I bought a pair of boots for myself a couple of years ago. I absolutely loved those boots yet it took me four months to actually wear them.  Every morning I’d see them in the closet and thought about wearing them but then would decide it wasn’t the right time or I didn’t have the right clothes or the weather conditions weren’t quite right…it was always something until one day I thought, if not now, when? So, I put them on, they fit like a glove, and I’ve been wearing them ever since.

I’m learning that it’s okay to treat myself well. Nothing bad is going to happen if I bring myself a little joy.  The sky won’t fall and all will be well but it’s been  a learning process for me to get past all the waiting. Maybe I love the anticipation… The most recent PC I bought was actually up and running the day it was delivered to the door although my son had quite a bit to do with that. He said, Mom come on, lets just set it up now and not wait. And he was right; why wait? No reason to deprive myself or him of something we could enjoy now instead of later.

As I said, I’m learning.

Treat Yourself

Monday, April 5th, 2010

Treat yourself to something great today. Something you haven’t done for yourself in a long time. Something you’ve thought about but have said no—not today, maybe another day. Today is the day you’ve been waiting for.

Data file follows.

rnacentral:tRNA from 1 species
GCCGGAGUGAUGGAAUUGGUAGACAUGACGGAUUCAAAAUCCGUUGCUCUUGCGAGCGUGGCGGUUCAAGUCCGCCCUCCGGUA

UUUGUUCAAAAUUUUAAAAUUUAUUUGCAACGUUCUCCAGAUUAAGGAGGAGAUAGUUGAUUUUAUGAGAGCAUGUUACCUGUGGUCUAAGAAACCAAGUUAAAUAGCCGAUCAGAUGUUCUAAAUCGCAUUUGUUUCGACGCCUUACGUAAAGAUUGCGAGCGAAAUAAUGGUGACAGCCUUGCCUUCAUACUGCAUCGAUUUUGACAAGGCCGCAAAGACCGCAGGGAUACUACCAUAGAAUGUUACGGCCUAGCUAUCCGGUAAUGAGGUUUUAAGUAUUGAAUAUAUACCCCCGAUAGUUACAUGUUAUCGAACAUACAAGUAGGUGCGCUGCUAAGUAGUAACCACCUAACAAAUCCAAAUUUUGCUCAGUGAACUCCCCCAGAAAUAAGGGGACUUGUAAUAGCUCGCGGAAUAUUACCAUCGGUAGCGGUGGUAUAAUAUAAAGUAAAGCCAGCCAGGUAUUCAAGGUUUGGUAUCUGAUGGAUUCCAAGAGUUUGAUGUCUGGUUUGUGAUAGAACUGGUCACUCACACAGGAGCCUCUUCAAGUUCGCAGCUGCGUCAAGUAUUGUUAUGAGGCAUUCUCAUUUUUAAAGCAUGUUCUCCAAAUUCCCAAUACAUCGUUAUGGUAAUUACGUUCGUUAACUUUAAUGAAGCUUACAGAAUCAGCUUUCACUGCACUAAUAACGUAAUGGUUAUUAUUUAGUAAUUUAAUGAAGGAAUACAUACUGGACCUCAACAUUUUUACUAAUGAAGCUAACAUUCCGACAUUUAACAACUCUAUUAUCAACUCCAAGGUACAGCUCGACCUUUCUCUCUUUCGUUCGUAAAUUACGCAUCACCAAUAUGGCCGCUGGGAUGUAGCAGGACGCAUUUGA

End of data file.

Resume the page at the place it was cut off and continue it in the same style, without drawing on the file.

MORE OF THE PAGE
Relationships…and a Vacuum Cleaner

Saturday, October 31st, 2009

It all started mid- September. I had known for several months that my vacuum cleaner was reaching the end of its life cycle. It was to the point where it spewed out more than it sucked up.

My first thought of course, was to fix it. I drove to a small vacuum cleaner sales and repair shop I pass by daily. The lone sales/repairman was a big burly man with a slightly intimidating air. He told me up front it was likely to cost more to repair my vacuum than it was worth. He suggested I take a look at the new vacuums in the shop but the prices for the new ones were more than I wanted to spend. He then suggested a used one. I looked at the offerings and wasn’t too impressed. I kept thinking I’d be better off down at the local Wal-Mart where I’d bought my broken down one three years earlier but since I was already at this shop decided on a used bagless model with whirling action for $125. I was given a 30 day warranty; left my old vacuum there, and was on my way.